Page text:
“The severe aftershock has caused large cracks in the airstrip surface at Huya. These now extend close to the centreline at one point and will affect flights to the community. If they get worse, the airstrip will have to be closed completely, making the community only accessible by helicopter for further relief flights.
A large number of people gathered around the sides of the airstrip as they watched the aircraft unloaded. Despite their difficult situation they watched quietly and patiently, a couple of times breaking into spontaneous applause as the food, water, tarpaulins and other supplies were unloaded.
I wished that it was possible to do more. I did my best to encourage the people and to assure them that they were not forgotten, but at a time like this, action is required, not just words. I promised them that MAF was doing all that it could to ensure that aid would be delivered to them and the nearby affected communities.”
Our Kiunga-based Caravan also is involved in bringing help and hope to these people in need.
Pilot does First Aid
Another flight was completed by the Hagen-based Caravan, piloted by Luke Newell, again departing in the morning hours from Mt Hagen for Muluma and Bosavi. He carried rice and water to the communities around the Bosavi airstrip, and then care packs with soap and hygiene items, pots and plates to Muluma, another village which has become home to around 4,000 people. At the moment, many surrounding communities are leaving their houses and coming to the airstrip to seek relief goods. Everyone is scared because their houses have been falling over during different aftershocks. Even gardens are being shaken up and disturbed.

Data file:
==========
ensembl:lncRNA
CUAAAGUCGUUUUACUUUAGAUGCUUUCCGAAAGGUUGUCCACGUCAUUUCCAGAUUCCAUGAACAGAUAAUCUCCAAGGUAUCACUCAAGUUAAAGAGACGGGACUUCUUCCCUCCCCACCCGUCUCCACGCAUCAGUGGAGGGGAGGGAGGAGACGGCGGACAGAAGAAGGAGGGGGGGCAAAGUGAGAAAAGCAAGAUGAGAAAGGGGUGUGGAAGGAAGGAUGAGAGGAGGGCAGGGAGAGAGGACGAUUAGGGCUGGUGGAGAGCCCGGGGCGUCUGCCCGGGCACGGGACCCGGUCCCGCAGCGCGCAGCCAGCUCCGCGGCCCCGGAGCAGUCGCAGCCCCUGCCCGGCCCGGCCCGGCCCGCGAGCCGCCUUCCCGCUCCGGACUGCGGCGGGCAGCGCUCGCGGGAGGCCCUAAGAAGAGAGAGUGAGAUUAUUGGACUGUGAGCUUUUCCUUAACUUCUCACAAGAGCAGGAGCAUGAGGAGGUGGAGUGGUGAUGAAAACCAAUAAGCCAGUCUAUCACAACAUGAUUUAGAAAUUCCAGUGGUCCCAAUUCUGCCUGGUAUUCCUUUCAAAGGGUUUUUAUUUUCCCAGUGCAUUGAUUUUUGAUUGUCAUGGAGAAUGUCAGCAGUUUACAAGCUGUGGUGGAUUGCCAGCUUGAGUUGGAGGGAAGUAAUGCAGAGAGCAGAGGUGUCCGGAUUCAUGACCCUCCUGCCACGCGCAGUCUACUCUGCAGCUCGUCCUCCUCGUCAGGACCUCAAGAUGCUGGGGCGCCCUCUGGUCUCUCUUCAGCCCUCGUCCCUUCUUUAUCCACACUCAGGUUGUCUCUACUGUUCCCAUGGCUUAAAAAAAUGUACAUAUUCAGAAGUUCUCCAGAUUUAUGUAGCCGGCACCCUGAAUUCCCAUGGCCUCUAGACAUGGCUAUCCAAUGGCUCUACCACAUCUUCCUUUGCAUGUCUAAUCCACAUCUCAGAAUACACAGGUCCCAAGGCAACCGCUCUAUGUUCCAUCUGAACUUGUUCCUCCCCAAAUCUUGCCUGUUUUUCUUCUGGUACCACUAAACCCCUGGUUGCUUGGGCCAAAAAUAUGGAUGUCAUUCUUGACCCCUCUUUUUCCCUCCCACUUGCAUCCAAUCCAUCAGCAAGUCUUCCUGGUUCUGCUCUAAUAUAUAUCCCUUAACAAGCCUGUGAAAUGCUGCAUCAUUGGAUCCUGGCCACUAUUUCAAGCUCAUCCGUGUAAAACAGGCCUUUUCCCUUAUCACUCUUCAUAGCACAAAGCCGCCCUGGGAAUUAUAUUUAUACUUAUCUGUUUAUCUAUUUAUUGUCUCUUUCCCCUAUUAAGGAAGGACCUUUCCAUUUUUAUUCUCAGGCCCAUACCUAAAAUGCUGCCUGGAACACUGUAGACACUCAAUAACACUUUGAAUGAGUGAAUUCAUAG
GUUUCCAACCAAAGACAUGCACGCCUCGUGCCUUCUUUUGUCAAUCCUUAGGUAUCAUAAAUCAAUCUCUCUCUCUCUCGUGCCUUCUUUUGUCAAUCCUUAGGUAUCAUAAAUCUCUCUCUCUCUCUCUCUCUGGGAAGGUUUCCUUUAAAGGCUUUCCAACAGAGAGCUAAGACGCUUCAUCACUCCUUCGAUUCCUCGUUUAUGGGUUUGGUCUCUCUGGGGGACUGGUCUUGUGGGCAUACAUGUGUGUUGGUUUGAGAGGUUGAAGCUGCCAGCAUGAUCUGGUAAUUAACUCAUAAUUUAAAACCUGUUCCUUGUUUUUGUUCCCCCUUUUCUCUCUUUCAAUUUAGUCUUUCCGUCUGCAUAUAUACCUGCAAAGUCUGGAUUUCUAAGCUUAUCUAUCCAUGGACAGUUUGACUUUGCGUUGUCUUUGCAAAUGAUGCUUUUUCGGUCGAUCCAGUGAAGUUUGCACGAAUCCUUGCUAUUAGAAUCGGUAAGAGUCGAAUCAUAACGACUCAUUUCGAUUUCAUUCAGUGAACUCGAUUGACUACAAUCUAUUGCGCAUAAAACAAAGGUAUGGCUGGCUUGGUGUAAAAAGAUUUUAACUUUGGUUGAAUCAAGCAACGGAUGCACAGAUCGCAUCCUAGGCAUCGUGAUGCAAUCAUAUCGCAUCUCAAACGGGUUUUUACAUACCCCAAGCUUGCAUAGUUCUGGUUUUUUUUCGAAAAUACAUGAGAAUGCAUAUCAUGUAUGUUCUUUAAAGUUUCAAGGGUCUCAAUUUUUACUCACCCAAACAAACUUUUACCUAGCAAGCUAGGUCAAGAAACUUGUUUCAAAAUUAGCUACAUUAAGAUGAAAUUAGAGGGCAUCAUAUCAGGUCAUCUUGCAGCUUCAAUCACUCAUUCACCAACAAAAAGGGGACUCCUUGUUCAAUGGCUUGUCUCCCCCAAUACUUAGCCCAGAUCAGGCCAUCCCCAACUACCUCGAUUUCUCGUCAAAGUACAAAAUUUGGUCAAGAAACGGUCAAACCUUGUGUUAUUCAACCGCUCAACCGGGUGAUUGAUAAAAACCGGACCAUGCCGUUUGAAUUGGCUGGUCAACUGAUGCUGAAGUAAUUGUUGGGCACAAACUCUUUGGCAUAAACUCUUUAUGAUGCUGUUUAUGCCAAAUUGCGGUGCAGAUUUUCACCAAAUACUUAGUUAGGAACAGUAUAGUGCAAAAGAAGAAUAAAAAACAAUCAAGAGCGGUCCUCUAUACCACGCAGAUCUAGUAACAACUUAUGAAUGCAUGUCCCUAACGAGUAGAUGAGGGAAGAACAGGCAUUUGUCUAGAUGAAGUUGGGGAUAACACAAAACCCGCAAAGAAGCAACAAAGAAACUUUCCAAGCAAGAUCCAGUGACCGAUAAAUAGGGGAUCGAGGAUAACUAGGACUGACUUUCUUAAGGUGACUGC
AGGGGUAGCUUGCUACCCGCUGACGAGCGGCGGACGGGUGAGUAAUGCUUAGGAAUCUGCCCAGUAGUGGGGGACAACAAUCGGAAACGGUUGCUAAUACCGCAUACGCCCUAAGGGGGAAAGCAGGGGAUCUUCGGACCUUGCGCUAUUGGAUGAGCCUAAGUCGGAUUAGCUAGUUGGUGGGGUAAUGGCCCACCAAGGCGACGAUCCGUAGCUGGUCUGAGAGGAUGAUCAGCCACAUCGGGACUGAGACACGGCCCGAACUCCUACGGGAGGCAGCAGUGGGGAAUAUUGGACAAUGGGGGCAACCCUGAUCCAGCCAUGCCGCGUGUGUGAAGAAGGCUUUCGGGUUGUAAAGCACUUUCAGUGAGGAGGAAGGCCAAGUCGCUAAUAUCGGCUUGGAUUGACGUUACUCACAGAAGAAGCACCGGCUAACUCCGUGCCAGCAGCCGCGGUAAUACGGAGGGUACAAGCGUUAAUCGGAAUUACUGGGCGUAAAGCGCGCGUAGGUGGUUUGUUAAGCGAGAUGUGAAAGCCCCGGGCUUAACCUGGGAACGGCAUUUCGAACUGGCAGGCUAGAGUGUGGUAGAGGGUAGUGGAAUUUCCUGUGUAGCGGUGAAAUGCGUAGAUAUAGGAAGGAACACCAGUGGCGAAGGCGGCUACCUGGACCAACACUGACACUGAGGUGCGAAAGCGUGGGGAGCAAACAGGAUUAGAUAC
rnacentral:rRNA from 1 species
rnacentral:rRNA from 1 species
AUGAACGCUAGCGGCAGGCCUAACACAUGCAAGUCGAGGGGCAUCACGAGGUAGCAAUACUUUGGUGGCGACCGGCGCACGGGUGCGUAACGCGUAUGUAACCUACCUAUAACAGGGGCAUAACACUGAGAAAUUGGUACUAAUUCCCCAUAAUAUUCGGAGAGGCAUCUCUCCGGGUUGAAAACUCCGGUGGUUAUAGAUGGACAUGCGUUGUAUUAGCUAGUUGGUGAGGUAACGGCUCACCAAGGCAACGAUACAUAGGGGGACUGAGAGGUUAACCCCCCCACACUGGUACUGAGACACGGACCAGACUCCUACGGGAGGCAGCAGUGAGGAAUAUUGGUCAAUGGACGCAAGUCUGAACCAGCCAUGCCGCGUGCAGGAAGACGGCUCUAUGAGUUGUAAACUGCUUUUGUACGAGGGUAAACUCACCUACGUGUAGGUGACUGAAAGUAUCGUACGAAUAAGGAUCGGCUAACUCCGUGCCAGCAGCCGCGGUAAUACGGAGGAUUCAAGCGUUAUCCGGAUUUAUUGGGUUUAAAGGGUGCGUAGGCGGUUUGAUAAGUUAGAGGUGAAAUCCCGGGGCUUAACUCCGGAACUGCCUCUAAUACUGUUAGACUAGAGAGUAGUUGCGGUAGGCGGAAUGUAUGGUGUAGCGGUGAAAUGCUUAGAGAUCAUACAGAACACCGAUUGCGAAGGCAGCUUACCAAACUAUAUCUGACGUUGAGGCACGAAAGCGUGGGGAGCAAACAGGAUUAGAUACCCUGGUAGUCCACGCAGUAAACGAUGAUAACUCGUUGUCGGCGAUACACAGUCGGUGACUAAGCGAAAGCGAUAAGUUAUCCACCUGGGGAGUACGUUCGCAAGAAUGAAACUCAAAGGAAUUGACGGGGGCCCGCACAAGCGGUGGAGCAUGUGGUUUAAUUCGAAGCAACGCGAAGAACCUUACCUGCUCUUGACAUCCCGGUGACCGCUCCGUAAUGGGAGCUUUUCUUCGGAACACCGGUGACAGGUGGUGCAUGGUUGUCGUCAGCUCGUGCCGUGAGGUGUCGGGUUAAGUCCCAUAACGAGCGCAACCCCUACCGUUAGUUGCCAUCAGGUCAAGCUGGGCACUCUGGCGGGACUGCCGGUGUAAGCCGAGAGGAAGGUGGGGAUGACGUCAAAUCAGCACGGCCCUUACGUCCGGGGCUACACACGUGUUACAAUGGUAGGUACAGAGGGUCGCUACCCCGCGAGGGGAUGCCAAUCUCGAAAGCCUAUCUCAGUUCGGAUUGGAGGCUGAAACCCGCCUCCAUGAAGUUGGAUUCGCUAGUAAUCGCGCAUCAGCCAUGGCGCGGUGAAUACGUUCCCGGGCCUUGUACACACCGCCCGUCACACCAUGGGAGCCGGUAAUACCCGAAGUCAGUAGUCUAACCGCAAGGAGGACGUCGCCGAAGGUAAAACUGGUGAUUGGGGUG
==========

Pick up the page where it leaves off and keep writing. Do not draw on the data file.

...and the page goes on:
A few houses were destroyed or shaken up during the 6.7 aftershock that occurred at 00:13 on 7-March. Luke gave his relief items to the MAF agents on the ground; they then distributed them.
“I saw at least two people who were bruised; a man talking to me had a gash on his right cheek. I believe Tony was his name. He said that during the quake he had wanted to run outside but couldn‘t because the floor was shaking heavily and the steps might have fallen down. He fell over while staggering out and must have fallen onto a nail or something sharp that tore a gash in his cheek. Tony’s cut looked quite deep so I got the first aid pack out of the plane and gave him an antiseptic cream hoping to at least keep the wound clean.”